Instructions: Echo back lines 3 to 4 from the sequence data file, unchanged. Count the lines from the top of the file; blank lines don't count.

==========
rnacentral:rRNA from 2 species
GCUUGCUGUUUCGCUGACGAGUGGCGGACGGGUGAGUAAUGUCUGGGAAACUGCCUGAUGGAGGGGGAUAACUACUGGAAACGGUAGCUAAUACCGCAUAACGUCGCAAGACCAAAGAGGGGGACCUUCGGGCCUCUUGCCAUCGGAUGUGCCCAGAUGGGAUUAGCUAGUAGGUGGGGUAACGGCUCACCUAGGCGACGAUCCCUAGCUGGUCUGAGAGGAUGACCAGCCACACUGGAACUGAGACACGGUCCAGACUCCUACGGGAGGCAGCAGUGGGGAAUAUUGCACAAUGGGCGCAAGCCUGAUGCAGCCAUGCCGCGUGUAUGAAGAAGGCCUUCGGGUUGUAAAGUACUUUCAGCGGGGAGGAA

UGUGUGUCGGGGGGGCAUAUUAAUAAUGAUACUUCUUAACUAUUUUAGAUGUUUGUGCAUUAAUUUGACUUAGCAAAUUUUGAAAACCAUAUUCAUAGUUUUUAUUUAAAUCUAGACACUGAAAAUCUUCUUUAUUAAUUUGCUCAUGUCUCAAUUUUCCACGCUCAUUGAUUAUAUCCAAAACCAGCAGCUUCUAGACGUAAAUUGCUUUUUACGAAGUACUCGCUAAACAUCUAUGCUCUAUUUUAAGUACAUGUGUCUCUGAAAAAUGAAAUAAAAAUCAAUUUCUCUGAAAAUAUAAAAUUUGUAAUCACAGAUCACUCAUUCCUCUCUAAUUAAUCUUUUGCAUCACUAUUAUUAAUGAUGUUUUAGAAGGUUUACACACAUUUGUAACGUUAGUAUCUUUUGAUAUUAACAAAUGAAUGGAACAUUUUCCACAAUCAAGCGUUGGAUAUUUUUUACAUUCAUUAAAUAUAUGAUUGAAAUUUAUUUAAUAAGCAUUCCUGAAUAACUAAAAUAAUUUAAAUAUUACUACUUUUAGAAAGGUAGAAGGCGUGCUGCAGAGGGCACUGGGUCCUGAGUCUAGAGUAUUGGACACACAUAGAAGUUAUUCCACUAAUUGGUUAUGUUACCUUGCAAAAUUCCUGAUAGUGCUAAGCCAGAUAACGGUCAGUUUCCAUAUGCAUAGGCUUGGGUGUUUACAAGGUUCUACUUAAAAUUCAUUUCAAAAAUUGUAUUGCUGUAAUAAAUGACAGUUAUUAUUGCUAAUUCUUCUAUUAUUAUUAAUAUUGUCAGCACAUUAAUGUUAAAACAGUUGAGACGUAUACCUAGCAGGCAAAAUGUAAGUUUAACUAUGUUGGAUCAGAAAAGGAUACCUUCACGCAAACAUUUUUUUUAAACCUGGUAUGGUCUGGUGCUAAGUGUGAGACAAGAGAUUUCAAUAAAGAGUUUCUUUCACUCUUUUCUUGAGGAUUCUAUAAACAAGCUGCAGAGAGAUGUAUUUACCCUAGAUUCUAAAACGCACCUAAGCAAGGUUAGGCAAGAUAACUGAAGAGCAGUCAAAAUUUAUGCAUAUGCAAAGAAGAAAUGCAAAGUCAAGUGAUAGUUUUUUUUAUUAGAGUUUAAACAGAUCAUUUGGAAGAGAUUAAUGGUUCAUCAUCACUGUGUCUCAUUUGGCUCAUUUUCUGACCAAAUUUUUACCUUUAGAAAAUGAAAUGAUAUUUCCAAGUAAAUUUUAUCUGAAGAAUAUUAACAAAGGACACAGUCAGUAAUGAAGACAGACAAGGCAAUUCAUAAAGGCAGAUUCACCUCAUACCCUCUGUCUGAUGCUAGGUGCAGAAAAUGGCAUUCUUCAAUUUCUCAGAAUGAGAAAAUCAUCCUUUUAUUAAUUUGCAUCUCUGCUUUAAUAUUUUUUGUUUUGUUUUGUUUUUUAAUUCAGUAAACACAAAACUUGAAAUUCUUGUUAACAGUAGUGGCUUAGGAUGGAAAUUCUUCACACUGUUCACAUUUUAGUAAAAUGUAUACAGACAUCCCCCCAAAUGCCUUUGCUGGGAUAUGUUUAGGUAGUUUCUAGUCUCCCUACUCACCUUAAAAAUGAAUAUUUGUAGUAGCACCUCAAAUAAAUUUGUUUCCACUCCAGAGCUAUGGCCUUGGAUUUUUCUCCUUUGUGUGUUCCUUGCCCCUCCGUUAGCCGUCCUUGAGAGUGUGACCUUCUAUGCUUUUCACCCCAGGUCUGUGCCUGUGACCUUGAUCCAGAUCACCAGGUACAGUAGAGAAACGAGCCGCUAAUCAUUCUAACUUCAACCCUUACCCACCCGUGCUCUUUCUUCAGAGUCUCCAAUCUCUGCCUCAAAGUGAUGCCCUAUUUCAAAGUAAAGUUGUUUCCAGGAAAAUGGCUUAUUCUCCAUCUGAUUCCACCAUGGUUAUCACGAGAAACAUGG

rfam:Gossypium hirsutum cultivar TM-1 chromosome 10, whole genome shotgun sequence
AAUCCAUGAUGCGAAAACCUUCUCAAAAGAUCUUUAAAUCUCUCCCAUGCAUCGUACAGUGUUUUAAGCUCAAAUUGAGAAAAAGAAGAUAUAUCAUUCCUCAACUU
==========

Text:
UGUGUGUCGGGGGGGCAUAUUAAUAAUGAUACUUCUUAACUAUUUUAGAUGUUUGUGCAUUAAUUUGACUUAGCAAAUUUUGAAAACCAUAUUCAUAGUUUUUAUUUAAAUCUAGACACUGAAAAUCUUCUUUAUUAAUUUGCUCAUGUCUCAAUUUUCCACGCUCAUUGAUUAUAUCCAAAACCAGCAGCUUCUAGACGUAAAUUGCUUUUUACGAAGUACUCGCUAAACAUCUAUGCUCUAUUUUAAGUACAUGUGUCUCUGAAAAAUGAAAUAAAAAUCAAUUUCUCUGAAAAUAUAAAAUUUGUAAUCACAGAUCACUCAUUCCUCUCUAAUUAAUCUUUUGCAUCACUAUUAUUAAUGAUGUUUUAGAAGGUUUACACACAUUUGUAACGUUAGUAUCUUUUGAUAUUAACAAAUGAAUGGAACAUUUUCCACAAUCAAGCGUUGGAUAUUUUUUACAUUCAUUAAAUAUAUGAUUGAAAUUUAUUUAAUAAGCAUUCCUGAAUAACUAAAAUAAUUUAAAUAUUACUACUUUUAGAAAGGUAGAAGGCGUGCUGCAGAGGGCACUGGGUCCUGAGUCUAGAGUAUUGGACACACAUAGAAGUUAUUCCACUAAUUGGUUAUGUUACCUUGCAAAAUUCCUGAUAGUGCUAAGCCAGAUAACGGUCAGUUUCCAUAUGCAUAGGCUUGGGUGUUUACAAGGUUCUACUUAAAAUUCAUUUCAAAAAUUGUAUUGCUGUAAUAAAUGACAGUUAUUAUUGCUAAUUCUUCUAUUAUUAUUAAUAUUGUCAGCACAUUAAUGUUAAAACAGUUGAGACGUAUACCUAGCAGGCAAAAUGUAAGUUUAACUAUGUUGGAUCAGAAAAGGAUACCUUCACGCAAACAUUUUUUUUAAACCUGGUAUGGUCUGGUGCUAAGUGUGAGACAAGAGAUUUCAAUAAAGAGUUUCUUUCACUCUUUUCUUGAGGAUUCUAUAAACAAGCUGCAGAGAGAUGUAUUUACCCUAGAUUCUAAAACGCACCUAAGCAAGGUUAGGCAAGAUAACUGAAGAGCAGUCAAAAUUUAUGCAUAUGCAAAGAAGAAAUGCAAAGUCAAGUGAUAGUUUUUUUUAUUAGAGUUUAAACAGAUCAUUUGGAAGAGAUUAAUGGUUCAUCAUCACUGUGUCUCAUUUGGCUCAUUUUCUGACCAAAUUUUUACCUUUAGAAAAUGAAAUGAUAUUUCCAAGUAAAUUUUAUCUGAAGAAUAUUAACAAAGGACACAGUCAGUAAUGAAGACAGACAAGGCAAUUCAUAAAGGCAGAUUCACCUCAUACCCUCUGUCUGAUGCUAGGUGCAGAAAAUGGCAUUCUUCAAUUUCUCAGAAUGAGAAAAUCAUCCUUUUAUUAAUUUGCAUCUCUGCUUUAAUAUUUUUUGUUUUGUUUUGUUUUUUAAUUCAGUAAACACAAAACUUGAAAUUCUUGUUAACAGUAGUGGCUUAGGAUGGAAAUUCUUCACACUGUUCACAUUUUAGUAAAAUGUAUACAGACAUCCCCCCAAAUGCCUUUGCUGGGAUAUGUUUAGGUAGUUUCUAGUCUCCCUACUCACCUUAAAAAUGAAUAUUUGUAGUAGCACCUCAAAUAAAUUUGUUUCCACUCCAGAGCUAUGGCCUUGGAUUUUUCUCCUUUGUGUGUUCCUUGCCCCUCCGUUAGCCGUCCUUGAGAGUGUGACCUUCUAUGCUUUUCACCCCAGGUCUGUGCCUGUGACCUUGAUCCAGAUCACCAGGUACAGUAGAGAAACGAGCCGCUAAUCAUUCUAACUUCAACCCUUACCCACCCGUGCUCUUUCUUCAGAGUCUCCAAUCUCUGCCUCAAAGUGAUGCCCUAUUUCAAAGUAAAGUUGUUUCCAGGAAAAUGGCUUAUUCUCCAUCUGAUUCCACCAUGGUUAUCACGAGAAACAUGG

rfam:Gossypium hirsutum cultivar TM-1 chromosome 10, whole genome shotgun sequence